Ohio State: A group that drew heavy criticism from coach Urban Meyer two springs ago is stockpiling talent. Devin Smith is the familiar name, a big-play senior who has started each of the past two seasons and boasts 18 career touchdowns. Ohio State must replace top wideout Corey Brown and will look for more from Evan Spencer. Michael Thomas has stood out in practices but must translate his performance to games. This could be a breakout year for H-back Dontre Wilson, who averaged nine yards per touch as a freshman. Buckeyes fans are eager to see redshirt freshmen Jalin Marshall and James Clark, and incoming players like Johnnie Dixon could make a splash right away. Ohio State returns an elite tight end in Jeff Heuerman.

Penn State: The Lions have very different depth situations at receiver and tight end. They're looking for contributors on the perimeter after losing Allen Robinson, the Big Ten's top wide receiver the past two seasons, who accounted for 46 percent of the team's receiving production in 2013. Brandon Felder also departs, leaving Geno Lewis as the likeliest candidate to move into a featured role. Richy Anderson also returns, but there will be plenty of competition/opportunity at receiver, a position new coach James Franklin targeted in recruiting with players like Chris Godwin and Saeed Blacknall. Things are much more stable at tight end as the Lions return three talented players in Jesse James, Kyle Carter and Adam Breneman.

Purdue: If you're looking for hope at Purdue, these spots aren't bad places to start. There are several promising young players like receiver DeAngelo Yancey, who recorded a team-leading 546 receiving yards as a freshman. Cameron Posey also had a decent freshman year (26 catches, 297 yards), and Danny Anthrop averaged 18.4 yards as a sophomore. A full offseason with quarterbacks Danny Etling and Austin Appleby should help the group. Tight end also should be a strength as Justin Sinz, who led Purdue with 41 catches last season, is back along with Gabe Holmes, who returns after missing most of 2013 with a wrist injury.

Rutgers: The good news is tight end Tyler Kroft returns after leading Rutgers in both receptions (43) and receiving yards (573) last season. Kroft will immediately contend for All-Big Ten honors. Things are murkier at wide receiver, where top contributors Brandon Coleman and Quron Pratt both depart. Leonte Carroo took a nice step as a sophomore, averaging 17.1 yards per catch and enters the spring as the frontrunner to become the team's No. 1 wideout. Ruhann Peele is another promising young receiver for the Scarlet Knights, who boast size with Carlton Agudosi (6-foot-6) and Andre Patton (6-4).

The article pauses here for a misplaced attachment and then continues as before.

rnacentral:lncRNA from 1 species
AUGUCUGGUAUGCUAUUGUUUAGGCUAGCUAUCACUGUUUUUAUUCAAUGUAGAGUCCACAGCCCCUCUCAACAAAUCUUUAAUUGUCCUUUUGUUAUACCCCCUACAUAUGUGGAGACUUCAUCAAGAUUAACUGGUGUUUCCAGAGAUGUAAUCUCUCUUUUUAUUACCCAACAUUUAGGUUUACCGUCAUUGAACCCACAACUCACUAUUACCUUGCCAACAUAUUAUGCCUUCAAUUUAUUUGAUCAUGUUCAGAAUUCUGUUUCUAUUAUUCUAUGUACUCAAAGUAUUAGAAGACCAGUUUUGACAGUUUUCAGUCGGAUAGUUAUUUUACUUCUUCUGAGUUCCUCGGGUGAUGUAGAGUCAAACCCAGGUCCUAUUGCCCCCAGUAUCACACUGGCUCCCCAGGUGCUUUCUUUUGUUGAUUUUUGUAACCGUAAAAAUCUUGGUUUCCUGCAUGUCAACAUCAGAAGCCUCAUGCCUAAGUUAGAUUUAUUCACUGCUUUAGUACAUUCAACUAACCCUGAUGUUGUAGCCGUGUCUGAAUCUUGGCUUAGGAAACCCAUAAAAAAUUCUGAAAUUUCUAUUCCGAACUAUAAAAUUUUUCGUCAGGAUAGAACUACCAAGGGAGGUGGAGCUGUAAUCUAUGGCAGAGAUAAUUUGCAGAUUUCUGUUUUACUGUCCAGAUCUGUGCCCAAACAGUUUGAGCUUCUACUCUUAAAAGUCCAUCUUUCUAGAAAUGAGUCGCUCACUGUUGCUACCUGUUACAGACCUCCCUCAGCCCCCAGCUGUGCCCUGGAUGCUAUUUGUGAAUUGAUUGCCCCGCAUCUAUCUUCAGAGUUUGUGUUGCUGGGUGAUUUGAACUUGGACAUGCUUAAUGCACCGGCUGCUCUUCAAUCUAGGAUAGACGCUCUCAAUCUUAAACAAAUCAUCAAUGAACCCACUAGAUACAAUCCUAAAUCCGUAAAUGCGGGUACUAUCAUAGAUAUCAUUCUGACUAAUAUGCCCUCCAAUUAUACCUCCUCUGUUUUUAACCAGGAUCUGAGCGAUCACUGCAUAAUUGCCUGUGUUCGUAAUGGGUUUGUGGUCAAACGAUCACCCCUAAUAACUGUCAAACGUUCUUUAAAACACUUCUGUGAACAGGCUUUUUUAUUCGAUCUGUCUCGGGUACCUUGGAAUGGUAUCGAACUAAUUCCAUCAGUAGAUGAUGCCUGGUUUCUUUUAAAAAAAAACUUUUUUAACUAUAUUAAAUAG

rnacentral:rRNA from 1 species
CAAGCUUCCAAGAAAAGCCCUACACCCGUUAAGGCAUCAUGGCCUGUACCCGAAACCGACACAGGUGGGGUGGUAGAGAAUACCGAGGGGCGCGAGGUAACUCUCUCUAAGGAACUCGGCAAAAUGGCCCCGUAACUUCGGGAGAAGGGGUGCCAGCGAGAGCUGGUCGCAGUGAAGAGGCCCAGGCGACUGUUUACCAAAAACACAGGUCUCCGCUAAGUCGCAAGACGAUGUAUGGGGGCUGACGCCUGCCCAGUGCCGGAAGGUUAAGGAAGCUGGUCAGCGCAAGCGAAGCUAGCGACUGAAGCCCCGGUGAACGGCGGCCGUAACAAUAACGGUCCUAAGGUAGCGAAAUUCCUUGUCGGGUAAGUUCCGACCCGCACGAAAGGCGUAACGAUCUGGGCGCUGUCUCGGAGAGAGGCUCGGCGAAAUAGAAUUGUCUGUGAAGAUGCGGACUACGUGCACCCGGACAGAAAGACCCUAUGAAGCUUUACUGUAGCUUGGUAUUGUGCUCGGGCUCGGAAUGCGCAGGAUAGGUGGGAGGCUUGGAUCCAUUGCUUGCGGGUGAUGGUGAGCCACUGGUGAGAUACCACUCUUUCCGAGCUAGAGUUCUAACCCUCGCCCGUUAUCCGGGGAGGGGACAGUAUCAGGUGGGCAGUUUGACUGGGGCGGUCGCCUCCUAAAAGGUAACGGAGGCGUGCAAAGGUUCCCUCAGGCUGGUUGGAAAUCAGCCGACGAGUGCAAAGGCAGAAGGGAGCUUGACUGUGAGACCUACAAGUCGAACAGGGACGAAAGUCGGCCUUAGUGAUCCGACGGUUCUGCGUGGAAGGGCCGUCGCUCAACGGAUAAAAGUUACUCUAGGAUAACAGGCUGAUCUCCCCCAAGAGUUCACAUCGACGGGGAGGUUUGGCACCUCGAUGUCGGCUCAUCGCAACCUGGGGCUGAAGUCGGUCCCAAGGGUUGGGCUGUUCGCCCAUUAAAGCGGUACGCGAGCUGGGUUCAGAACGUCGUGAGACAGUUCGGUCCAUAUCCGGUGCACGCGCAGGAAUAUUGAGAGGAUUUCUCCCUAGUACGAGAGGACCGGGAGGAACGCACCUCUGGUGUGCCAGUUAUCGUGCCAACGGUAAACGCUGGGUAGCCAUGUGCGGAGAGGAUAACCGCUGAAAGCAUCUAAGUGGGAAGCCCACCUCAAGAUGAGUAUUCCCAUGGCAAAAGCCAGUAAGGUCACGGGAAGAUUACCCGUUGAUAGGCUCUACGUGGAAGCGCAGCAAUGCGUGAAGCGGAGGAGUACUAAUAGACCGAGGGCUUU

Wisconsin: The quarterback competition will gain more attention this spring, but Wisconsin's receiver/tight end situation could be more critical. The Badgers lose Jared Abbrederis, their only major threat at receiver the past two seasons, as well as top tight end Jacob Pedersen. Players like Jordan Fredrick and Kenzel Doe must translate their experience into greater production, and Wisconsin will look for more from young receivers like Alex Erickson and Robert Wheelwright. Help is on the way as Wisconsin signed five receivers in the 2014 class, but wideout definitely is a position of concern right now. Sam Arneson is the logical candidate to step in for Pedersen, but there should be competition as the Badgers lose a lot at the position.
Tags:

Purdue Boilermakers, Minnesota Golden Gophers, Penn State Nittany Lions, Big Ten Conference, Michigan State Spartans, Northwestern Wildcats, Indiana Hoosiers, Illinois Fighting Illini, Ohio State Buckeyes, Michigan Wolverines, Wisconsin Badgers, Iowa Hawkeyes, Nebraska Cornhuskers, Rutgers Scarlet Knights, Football Recruiting, Maryland Terrapins, Jacob Pedersen, C.J. Fiedorowicz, Devin Smith, Tony Jones, Tony Lippett, Corey Brown, Jeremy Gallon, Duwyce Wilson, Keith Mumphery, Justin Sinz, Kevonte Martin-Manley, Evan Spencer, Gabe Holmes, Kofi Hughes, Jared Abbrederis, Kyle Carter, Nick Stoner, Jordan Fredrick, Sam Arneson, Matt LaCosse, Ted Bolser, Steve Hull, Kenzel Doe, Christian Jones, Jon Davis, Jamal Turner, Shane Wynn, Josh Ferguson, Kenny Bell, Devin Funchess, Josiah Price, Cody Latimer, Drew Dileo, Quincy Enunwa, Stefon Diggs, Jordan Westerkamp, Aaron Burbridge, Amara Darboh, Jehu Chesson, Jesse James, MacGarrett Kings, Austin Appleby, Michael Thomas, Adam Breneman, Tevaun Smith, Isaiah Roundtree, Isaac Fruechte, Drake Harris, Cameron Dickerson, Dominique Booth, Jalin Marshall, Jake Duzey, Danny Etling, Allen Robinson, Dan Vitale, Danny Anthrop, Martize Barr, Damond Powell, Dontre Wilson, James Clark, Robert Wheelwright, Donovahn Jones, Drew Wolitarsky, Taariq Allen, Richy Anderson, Sam Burtch, Chris Godwin, Deon Long, Garrett Dickerson, Johnnie Dixon, Saeed Blacknall, Alex Erickson, Maxx Williams, Geronimo Allison, Cethan Carter, Cameron Posey, DeAngelo Yancey, Geno Lewis, Brandon Felder, Brandon Coleman, B1G spring positions 14, Jordan Fuchs, Miles Shuler, Levern Jacobs, Nigel King, Amba Etta-Tawo, Dave Stinebaugh, Marcus Leak, Tyler Kroft, Quron Pratt, Leonte Carroo, Ruhann Peele, Carlton Agudosi, Andre Patton

ANN ARBOR, Mich. -- After quarterback Devin Gardner tweeted an impressive one-handed catch from Amara Darboh and a good spring game performance from the wide receiver, fans couldn’t wait to see Darboh hit the field in Michigan Stadium this fall.

[+] EnlargeJehu Chesson
Leon Halip/Getty ImagesWith Amara Darboh out, Jehu Chesson's size and speed might find him more playing time this fall.